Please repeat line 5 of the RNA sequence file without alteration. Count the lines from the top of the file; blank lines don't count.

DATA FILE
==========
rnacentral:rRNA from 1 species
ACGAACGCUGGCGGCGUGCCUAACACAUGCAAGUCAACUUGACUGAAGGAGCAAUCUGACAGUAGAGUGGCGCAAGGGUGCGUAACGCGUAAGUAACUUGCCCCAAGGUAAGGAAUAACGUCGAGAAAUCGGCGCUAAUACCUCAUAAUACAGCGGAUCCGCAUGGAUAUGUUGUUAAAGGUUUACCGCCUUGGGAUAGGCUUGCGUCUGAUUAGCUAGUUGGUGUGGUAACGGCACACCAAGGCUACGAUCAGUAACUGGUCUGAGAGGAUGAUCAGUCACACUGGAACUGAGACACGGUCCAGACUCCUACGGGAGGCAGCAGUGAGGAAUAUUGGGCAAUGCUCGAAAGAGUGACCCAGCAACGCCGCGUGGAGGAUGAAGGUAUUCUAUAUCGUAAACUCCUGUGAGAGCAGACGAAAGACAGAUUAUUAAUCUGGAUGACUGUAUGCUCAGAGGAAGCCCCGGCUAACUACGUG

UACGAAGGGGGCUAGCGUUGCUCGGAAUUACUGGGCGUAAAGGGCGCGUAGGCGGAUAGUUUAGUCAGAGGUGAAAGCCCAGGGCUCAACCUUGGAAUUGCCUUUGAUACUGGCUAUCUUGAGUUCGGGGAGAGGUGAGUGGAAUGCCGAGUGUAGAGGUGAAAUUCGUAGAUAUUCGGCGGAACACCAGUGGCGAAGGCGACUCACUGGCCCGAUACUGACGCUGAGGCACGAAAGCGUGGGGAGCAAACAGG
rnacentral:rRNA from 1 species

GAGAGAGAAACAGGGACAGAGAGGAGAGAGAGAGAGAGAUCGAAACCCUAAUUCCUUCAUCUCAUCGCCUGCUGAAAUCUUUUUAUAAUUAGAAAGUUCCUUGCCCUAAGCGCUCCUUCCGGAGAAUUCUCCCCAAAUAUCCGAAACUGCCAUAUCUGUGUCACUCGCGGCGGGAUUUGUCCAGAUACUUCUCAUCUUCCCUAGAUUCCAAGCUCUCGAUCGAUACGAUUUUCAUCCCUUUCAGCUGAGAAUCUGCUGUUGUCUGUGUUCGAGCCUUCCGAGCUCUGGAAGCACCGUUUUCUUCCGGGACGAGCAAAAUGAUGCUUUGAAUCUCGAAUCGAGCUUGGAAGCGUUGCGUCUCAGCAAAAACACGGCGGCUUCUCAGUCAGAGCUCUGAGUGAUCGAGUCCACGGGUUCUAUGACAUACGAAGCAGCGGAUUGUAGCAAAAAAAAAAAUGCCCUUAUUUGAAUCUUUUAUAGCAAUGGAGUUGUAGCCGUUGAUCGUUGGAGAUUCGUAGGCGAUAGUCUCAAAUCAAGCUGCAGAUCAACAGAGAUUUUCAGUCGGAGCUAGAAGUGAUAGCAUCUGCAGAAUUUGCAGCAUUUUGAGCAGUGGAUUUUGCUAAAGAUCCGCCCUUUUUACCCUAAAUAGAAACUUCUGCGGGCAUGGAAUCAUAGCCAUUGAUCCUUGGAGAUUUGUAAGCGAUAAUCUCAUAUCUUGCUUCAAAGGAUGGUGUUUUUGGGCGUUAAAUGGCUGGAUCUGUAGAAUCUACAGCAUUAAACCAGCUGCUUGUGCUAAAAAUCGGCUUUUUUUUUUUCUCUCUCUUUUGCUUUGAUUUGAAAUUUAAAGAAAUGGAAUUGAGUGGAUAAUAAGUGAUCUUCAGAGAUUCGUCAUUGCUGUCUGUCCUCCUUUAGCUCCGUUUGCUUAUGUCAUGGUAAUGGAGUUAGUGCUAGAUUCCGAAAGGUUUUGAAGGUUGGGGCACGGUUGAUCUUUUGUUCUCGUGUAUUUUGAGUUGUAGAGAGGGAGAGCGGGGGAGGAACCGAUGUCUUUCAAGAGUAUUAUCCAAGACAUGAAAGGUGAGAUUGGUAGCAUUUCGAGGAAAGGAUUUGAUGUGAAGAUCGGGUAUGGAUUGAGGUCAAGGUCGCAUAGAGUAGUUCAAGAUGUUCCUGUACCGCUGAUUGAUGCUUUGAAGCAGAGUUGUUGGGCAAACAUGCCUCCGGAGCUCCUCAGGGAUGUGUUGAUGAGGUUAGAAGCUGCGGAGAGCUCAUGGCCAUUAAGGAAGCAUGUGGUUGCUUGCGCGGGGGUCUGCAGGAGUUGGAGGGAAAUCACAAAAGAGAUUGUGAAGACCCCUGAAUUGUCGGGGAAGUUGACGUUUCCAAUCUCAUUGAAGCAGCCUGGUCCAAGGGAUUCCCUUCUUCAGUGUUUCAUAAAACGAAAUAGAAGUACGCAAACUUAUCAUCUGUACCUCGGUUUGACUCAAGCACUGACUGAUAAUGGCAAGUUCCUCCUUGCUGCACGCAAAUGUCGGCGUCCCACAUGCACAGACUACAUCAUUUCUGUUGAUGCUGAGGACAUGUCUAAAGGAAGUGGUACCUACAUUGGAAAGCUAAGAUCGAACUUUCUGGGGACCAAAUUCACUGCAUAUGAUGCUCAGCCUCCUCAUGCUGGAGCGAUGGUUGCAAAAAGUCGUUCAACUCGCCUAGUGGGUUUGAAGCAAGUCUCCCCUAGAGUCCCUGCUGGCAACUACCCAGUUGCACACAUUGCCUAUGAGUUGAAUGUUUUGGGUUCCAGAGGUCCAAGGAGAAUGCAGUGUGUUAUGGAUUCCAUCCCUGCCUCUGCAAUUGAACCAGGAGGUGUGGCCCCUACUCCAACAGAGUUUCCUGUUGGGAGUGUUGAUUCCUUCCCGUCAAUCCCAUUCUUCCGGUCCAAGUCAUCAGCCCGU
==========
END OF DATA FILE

GAGAGAGAAACAGGGACAGAGAGGAGAGAGAGAGAGAGAUCGAAACCCUAAUUCCUUCAUCUCAUCGCCUGCUGAAAUCUUUUUAUAAUUAGAAAGUUCCUUGCCCUAAGCGCUCCUUCCGGAGAAUUCUCCCCAAAUAUCCGAAACUGCCAUAUCUGUGUCACUCGCGGCGGGAUUUGUCCAGAUACUUCUCAUCUUCCCUAGAUUCCAAGCUCUCGAUCGAUACGAUUUUCAUCCCUUUCAGCUGAGAAUCUGCUGUUGUCUGUGUUCGAGCCUUCCGAGCUCUGGAAGCACCGUUUUCUUCCGGGACGAGCAAAAUGAUGCUUUGAAUCUCGAAUCGAGCUUGGAAGCGUUGCGUCUCAGCAAAAACACGGCGGCUUCUCAGUCAGAGCUCUGAGUGAUCGAGUCCACGGGUUCUAUGACAUACGAAGCAGCGGAUUGUAGCAAAAAAAAAAAUGCCCUUAUUUGAAUCUUUUAUAGCAAUGGAGUUGUAGCCGUUGAUCGUUGGAGAUUCGUAGGCGAUAGUCUCAAAUCAAGCUGCAGAUCAACAGAGAUUUUCAGUCGGAGCUAGAAGUGAUAGCAUCUGCAGAAUUUGCAGCAUUUUGAGCAGUGGAUUUUGCUAAAGAUCCGCCCUUUUUACCCUAAAUAGAAACUUCUGCGGGCAUGGAAUCAUAGCCAUUGAUCCUUGGAGAUUUGUAAGCGAUAAUCUCAUAUCUUGCUUCAAAGGAUGGUGUUUUUGGGCGUUAAAUGGCUGGAUCUGUAGAAUCUACAGCAUUAAACCAGCUGCUUGUGCUAAAAAUCGGCUUUUUUUUUUUCUCUCUCUUUUGCUUUGAUUUGAAAUUUAAAGAAAUGGAAUUGAGUGGAUAAUAAGUGAUCUUCAGAGAUUCGUCAUUGCUGUCUGUCCUCCUUUAGCUCCGUUUGCUUAUGUCAUGGUAAUGGAGUUAGUGCUAGAUUCCGAAAGGUUUUGAAGGUUGGGGCACGGUUGAUCUUUUGUUCUCGUGUAUUUUGAGUUGUAGAGAGGGAGAGCGGGGGAGGAACCGAUGUCUUUCAAGAGUAUUAUCCAAGACAUGAAAGGUGAGAUUGGUAGCAUUUCGAGGAAAGGAUUUGAUGUGAAGAUCGGGUAUGGAUUGAGGUCAAGGUCGCAUAGAGUAGUUCAAGAUGUUCCUGUACCGCUGAUUGAUGCUUUGAAGCAGAGUUGUUGGGCAAACAUGCCUCCGGAGCUCCUCAGGGAUGUGUUGAUGAGGUUAGAAGCUGCGGAGAGCUCAUGGCCAUUAAGGAAGCAUGUGGUUGCUUGCGCGGGGGUCUGCAGGAGUUGGAGGGAAAUCACAAAAGAGAUUGUGAAGACCCCUGAAUUGUCGGGGAAGUUGACGUUUCCAAUCUCAUUGAAGCAGCCUGGUCCAAGGGAUUCCCUUCUUCAGUGUUUCAUAAAACGAAAUAGAAGUACGCAAACUUAUCAUCUGUACCUCGGUUUGACUCAAGCACUGACUGAUAAUGGCAAGUUCCUCCUUGCUGCACGCAAAUGUCGGCGUCCCACAUGCACAGACUACAUCAUUUCUGUUGAUGCUGAGGACAUGUCUAAAGGAAGUGGUACCUACAUUGGAAAGCUAAGAUCGAACUUUCUGGGGACCAAAUUCACUGCAUAUGAUGCUCAGCCUCCUCAUGCUGGAGCGAUGGUUGCAAAAAGUCGUUCAACUCGCCUAGUGGGUUUGAAGCAAGUCUCCCCUAGAGUCCCUGCUGGCAACUACCCAGUUGCACACAUUGCCUAUGAGUUGAAUGUUUUGGGUUCCAGAGGUCCAAGGAGAAUGCAGUGUGUUAUGGAUUCCAUCCCUGCCUCUGCAAUUGAACCAGGAGGUGUGGCCCCUACUCCAACAGAGUUUCCUGUUGGGAGUGUUGAUUCCUUCCCGUCAAUCCCAUUCUUCCGGUCCAAGUCAUCAGCCCGU